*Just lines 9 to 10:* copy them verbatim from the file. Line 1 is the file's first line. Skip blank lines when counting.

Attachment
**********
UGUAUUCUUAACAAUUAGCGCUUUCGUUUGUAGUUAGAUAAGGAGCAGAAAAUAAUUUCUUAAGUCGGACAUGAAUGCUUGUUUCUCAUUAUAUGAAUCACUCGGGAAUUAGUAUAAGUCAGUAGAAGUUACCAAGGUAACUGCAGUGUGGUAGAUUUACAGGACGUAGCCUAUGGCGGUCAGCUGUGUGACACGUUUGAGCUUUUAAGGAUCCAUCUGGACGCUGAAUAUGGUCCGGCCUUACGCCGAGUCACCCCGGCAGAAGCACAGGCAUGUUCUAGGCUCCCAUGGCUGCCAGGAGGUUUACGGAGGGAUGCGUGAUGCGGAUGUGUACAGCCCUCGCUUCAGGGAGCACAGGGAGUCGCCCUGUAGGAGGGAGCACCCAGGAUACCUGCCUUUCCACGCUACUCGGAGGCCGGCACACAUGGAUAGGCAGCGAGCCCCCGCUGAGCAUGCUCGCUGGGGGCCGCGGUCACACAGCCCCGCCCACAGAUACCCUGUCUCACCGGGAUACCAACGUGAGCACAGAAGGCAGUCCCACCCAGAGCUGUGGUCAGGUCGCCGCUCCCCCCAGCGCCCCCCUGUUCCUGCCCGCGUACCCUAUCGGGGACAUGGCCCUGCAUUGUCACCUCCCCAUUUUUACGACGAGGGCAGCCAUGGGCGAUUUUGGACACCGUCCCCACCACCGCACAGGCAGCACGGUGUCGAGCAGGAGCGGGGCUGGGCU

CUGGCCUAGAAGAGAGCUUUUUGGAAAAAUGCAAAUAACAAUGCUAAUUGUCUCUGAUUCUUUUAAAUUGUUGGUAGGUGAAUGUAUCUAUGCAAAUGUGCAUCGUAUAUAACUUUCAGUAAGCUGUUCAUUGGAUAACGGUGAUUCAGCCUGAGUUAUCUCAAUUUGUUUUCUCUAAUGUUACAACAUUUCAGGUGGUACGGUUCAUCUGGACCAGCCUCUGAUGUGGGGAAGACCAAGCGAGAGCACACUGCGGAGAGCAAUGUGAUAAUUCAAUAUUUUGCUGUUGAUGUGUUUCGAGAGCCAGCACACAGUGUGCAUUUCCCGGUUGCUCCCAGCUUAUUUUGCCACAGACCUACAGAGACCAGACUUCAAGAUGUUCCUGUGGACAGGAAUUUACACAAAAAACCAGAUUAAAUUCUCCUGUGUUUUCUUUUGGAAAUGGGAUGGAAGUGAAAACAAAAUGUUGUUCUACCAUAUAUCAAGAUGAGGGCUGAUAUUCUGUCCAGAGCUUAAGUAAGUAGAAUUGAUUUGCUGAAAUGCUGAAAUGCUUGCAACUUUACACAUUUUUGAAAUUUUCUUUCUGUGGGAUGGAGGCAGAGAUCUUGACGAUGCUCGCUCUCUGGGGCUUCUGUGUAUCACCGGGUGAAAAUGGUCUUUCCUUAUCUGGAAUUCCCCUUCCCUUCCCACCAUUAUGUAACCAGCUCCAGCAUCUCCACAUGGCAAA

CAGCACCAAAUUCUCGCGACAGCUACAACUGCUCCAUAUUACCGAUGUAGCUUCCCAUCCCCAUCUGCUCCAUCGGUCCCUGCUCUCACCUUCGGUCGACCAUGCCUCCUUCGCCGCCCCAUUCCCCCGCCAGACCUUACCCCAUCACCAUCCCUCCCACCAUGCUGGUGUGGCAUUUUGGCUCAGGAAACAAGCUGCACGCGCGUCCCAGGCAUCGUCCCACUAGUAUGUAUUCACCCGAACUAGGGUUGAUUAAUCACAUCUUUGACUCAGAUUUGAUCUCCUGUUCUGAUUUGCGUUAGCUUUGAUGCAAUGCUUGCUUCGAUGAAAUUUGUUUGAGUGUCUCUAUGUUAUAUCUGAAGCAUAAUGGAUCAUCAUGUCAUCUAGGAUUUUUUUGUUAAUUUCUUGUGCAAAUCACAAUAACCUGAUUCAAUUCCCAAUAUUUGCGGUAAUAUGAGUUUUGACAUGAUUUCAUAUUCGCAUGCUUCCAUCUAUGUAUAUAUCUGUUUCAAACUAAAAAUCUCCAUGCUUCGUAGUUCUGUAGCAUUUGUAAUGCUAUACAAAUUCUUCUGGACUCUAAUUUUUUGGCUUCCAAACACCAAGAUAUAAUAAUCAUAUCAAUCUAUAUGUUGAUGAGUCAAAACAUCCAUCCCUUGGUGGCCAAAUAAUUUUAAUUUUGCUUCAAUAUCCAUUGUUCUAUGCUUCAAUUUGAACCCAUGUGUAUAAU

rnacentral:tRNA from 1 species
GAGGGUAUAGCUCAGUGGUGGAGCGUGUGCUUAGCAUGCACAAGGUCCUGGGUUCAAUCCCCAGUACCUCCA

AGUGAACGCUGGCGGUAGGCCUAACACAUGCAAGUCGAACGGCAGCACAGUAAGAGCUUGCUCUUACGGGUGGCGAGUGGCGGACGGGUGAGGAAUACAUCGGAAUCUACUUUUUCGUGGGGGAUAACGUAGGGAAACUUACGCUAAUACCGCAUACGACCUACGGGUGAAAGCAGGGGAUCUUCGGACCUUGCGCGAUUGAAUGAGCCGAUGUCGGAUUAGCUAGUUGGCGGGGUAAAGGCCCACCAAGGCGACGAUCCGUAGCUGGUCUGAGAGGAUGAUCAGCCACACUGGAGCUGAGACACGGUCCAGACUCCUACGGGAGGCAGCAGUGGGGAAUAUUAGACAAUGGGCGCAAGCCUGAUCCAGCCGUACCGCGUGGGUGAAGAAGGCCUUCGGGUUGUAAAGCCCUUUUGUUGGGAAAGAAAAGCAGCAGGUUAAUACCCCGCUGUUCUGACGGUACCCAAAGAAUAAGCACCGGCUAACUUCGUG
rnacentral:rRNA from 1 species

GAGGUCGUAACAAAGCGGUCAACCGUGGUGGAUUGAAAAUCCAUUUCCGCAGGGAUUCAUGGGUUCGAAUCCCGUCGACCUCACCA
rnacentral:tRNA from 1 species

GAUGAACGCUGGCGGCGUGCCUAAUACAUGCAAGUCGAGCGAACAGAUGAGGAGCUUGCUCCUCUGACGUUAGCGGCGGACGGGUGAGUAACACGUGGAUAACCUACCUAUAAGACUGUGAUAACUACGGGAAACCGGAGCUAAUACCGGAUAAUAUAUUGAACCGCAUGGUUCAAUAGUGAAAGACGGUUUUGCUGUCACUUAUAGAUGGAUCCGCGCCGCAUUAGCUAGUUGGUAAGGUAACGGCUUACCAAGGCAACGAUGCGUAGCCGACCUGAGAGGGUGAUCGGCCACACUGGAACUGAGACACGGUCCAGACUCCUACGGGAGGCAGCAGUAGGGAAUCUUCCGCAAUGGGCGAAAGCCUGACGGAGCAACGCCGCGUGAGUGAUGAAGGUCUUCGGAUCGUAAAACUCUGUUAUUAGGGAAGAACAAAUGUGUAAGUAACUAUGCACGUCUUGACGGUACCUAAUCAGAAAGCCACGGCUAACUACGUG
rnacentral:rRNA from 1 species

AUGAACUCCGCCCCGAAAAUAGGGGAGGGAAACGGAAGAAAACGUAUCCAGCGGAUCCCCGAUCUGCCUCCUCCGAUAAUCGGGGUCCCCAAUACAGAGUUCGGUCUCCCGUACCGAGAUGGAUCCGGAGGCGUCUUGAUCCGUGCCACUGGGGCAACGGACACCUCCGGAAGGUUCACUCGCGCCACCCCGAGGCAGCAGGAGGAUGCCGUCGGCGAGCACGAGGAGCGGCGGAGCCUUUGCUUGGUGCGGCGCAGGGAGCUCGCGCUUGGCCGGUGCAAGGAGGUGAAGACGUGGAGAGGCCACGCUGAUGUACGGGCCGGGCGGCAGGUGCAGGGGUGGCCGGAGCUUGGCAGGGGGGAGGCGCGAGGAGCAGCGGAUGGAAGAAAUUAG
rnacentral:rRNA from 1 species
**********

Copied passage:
rnacentral:tRNA from 1 species

GAUGAACGCUGGCGGCGUGCCUAAUACAUGCAAGUCGAGCGAACAGAUGAGGAGCUUGCUCCUCUGACGUUAGCGGCGGACGGGUGAGUAACACGUGGAUAACCUACCUAUAAGACUGUGAUAACUACGGGAAACCGGAGCUAAUACCGGAUAAUAUAUUGAACCGCAUGGUUCAAUAGUGAAAGACGGUUUUGCUGUCACUUAUAGAUGGAUCCGCGCCGCAUUAGCUAGUUGGUAAGGUAACGGCUUACCAAGGCAACGAUGCGUAGCCGACCUGAGAGGGUGAUCGGCCACACUGGAACUGAGACACGGUCCAGACUCCUACGGGAGGCAGCAGUAGGGAAUCUUCCGCAAUGGGCGAAAGCCUGACGGAGCAACGCCGCGUGAGUGAUGAAGGUCUUCGGAUCGUAAAACUCUGUUAUUAGGGAAGAACAAAUGUGUAAGUAACUAUGCACGUCUUGACGGUACCUAAUCAGAAAGCCACGGCUAACUACGUG